TITLE = 'Pragprog Books Online Store'
  URL = 'http://localhost:3000/store/'

  # Description:: Adds a book named 'book_title' to cart
  def Customer.add_book(browser, book_title)
    # Check if title is already in cart - so we can check it was added correctly
    browser.link(:text,'Show my cart').click
    prev_cart_count = 0
    prev_cart_total = 0.00
    if not browser.div(:text,'Your cart is currently empty').exist? then
     # We have a non-empty cart
      for row in browser.table(:index,1)
        if row[2].text == book_title then
          prev_cart_count = row[1].text.to_i
      prev_cart_total = browser.cell(:id, 'totalcell').text[1..-1].to_f #remove $ sign
      browser.link(:text, 'Continue shopping').click

    found = false
    book_price = 0.00
    1.upto(browser.divs.length) do |index|
      if (browser.div(:index,index).attribute_value('className') == 'catalogentry') and (browser.div(:index,index).h3(:text,book_title).exists?) then
        book_price = browser.div(:index,index).span(:class, 'catalogprice').text[1..-1].to_f #remove $ sign
        found = true
    if not found then
      return false,'Could not locate title in store'

    new_cart_count = 0
    for row in browser.table(:index,1)
      if row[2].text == book_title then
        new_cart_count = row[1].text.to_i
    new_cart_total = browser.cell(:id, 'totalcell').text[1..-1].to_f # remove $ sign
    assert_equal(new_cart_count,(prev_cart_count+1), "Ensure that new quantity is now one greater than previously")
    assert_equal(new_cart_total,(prev_cart_total + book_price), "Ensure that new cart total is old cart total plus book price")
    browser.link(:text, 'Continue shopping').click
    return true,new_cart_total

  def Customer.check_out(browser, customerName, customerEmail, customerAddress, customerPaymentMethod)
    browser.link(:text,'Show my cart').click
    if browser.div(:text,'Your cart is currently empty').exist? then
      return false,'Your cart is currently empty'
    browser.text_field(:id, 'order_name').set(customerName)
    browser.text_field(:id, 'order_email').set(customerEmail)
    browser.text_field(:id, 'order_address').set(customerAddress)
      browser.select_list(:id, 'order_pay_type').select(customerPaymentMethod)
    rescue Watir::Exception::NoValueFoundException
      flunk('Could not locate customer payment method in drop down list: '+customerPaymentMethod)
    browser.button(:name, 'commit').click
    if browser.div(:id,'errorExplanation').exist? then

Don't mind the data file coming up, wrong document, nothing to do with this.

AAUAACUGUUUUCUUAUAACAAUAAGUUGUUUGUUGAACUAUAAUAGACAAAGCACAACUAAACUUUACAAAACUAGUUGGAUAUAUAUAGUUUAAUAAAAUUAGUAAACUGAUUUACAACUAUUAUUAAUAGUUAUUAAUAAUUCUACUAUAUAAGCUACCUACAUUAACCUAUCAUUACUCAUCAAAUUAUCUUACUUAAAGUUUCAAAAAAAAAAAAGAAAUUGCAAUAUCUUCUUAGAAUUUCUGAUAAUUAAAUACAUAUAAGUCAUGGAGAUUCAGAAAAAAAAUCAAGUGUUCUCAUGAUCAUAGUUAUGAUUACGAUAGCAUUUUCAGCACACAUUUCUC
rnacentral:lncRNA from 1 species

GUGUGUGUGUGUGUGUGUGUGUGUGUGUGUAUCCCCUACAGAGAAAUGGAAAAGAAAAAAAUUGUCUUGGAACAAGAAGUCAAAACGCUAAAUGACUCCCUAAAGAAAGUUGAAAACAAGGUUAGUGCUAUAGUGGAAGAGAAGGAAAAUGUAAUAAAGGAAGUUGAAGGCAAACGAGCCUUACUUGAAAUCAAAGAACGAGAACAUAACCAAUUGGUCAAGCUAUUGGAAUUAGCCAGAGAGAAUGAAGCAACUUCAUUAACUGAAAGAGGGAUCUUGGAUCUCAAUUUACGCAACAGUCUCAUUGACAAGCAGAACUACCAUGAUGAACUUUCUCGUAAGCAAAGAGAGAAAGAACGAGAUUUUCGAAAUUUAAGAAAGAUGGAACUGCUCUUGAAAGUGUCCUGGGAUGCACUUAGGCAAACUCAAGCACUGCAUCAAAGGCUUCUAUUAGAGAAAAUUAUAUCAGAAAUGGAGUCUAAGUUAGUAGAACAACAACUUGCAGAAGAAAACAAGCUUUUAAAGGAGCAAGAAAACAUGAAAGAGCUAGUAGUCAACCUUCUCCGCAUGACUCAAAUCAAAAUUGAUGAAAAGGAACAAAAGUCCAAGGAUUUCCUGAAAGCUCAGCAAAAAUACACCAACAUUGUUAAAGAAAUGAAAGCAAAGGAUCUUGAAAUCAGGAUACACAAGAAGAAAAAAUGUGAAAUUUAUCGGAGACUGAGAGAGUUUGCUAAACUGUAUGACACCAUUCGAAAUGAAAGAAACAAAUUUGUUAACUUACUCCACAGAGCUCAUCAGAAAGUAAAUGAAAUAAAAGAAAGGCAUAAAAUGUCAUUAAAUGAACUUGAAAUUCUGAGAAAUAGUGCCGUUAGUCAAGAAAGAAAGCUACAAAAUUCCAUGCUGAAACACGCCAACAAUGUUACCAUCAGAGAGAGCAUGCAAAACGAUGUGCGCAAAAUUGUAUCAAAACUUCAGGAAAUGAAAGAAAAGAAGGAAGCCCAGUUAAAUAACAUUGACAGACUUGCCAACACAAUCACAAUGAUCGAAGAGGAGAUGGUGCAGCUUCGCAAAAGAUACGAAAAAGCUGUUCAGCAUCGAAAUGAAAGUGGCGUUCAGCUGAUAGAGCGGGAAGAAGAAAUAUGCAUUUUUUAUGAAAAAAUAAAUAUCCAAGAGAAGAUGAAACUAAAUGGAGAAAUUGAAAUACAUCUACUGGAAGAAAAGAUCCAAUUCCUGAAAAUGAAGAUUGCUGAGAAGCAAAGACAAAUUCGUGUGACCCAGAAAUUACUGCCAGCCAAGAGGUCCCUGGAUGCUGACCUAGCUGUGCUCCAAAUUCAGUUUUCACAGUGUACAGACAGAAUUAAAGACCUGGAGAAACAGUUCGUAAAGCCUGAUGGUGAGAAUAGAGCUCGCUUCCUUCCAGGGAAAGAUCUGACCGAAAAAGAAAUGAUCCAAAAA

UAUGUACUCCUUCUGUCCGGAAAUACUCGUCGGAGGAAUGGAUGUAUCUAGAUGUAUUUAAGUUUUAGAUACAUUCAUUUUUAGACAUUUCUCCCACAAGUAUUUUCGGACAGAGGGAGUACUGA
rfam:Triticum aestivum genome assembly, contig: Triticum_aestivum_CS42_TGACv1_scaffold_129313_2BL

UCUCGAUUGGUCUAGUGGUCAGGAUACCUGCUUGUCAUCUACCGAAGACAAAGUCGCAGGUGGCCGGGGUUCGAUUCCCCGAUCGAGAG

error = ''
      1.upto(browser.div(:id,'errorExplanation').lis.length) do |index|
        error << (browser.div(:id,'errorExplanation').li(:index,index).text + ",")
      browser.link(:text,'Continue shopping').click
      return false, error
    assert_equal(browser.div(:id,'notice').text, 'Thank you for your order.',"Thank you for your order should appear.")
    return true,''

  def Customer.empty_cart(browser)
    browser.link(:text,"Show my cart").click
    if browser.div(:text,"Your cart is currently empty").exist? then
      assert('Cart was never empty')
      browser.link(:text,'Empty cart').click
      assert_equal(browser.div(:id, 'notice').text,'Your cart is now empty')
    return true,''

  def Customer.check_cart_total(browser, exp_total)
    browser.link(:text,'Show my cart').click
    if browser.div(:text,'Your cart is currently empty').exist? then
      return false,'Your cart is currently empty'
    act_total = browser.cell(:id, 'totalcell').text[1..-1].to_f
    assert_equal(act_total,exp_total.to_f,"Check that cart total is as expected.")
    return true,act_total

Admin Module admin.rb

require 'test/unit'
include Test::Unit::Assertions

module Admin
  TITLE = 'ADMINISTER Pragprog Books Online Store'
  URL = 'http://localhost:3000/admin/'

  def Admin.log_on(browser, username, password)
    if browser.link(:text,'Log out').exist? then #if already logged in
      browser.link(:text,'Log out').click
    browser.text_field(:id, 'user_name').set username
    browser.text_field(:id, 'user_password').set password
    browser.button(:value, ' LOGIN ').click
    if browser.div(:id, 'notice').exist? then
      return false,browser.div(:id, 'notice').text
      return true,''

  def Admin.ship_items(browser, name)
    browser.link(:text, 'Shipping').click
    num_orders = 0
    index = 0
    browser.form(:action,'/admin/ship').divs.each do |div|
      if div.class_name == "olname"
        if div.text == name then
          browser.form(:action,'/admin/ship').checkbox(:index, index).set

    browser.button(:value, ' SHIP CHECKED ITEMS ').click

    if num_orders == 1 then
      assert_equal(browser.div(:id,"notice").text, "One order marked as shipped","Correct notice")
    elsif num_orders > 1 then
      assert_equal(browser.div(:id,"notice").text, "#{num_orders} orders marked as shipped","Correct notice")
    return true, num_orders.to_s



I have spent a bit of time over the last few days setting up Watir.com, hosted here on WordPress.

We were originally aiming to host our own version of Confluence and JIRA and use Confluence to serve the Watir.com homepage, but this ended up being a lot more complicated and expensive than originally planned.

The great thing about WordPress is, although it was originally a blogging platform, its functionality also works as a very neat CMS. Whilst wordpress.com has some limitations over wordpress.org, we can live with these limitations for now as we have a free (as in beer) hosted site that the world can see.

Check it out.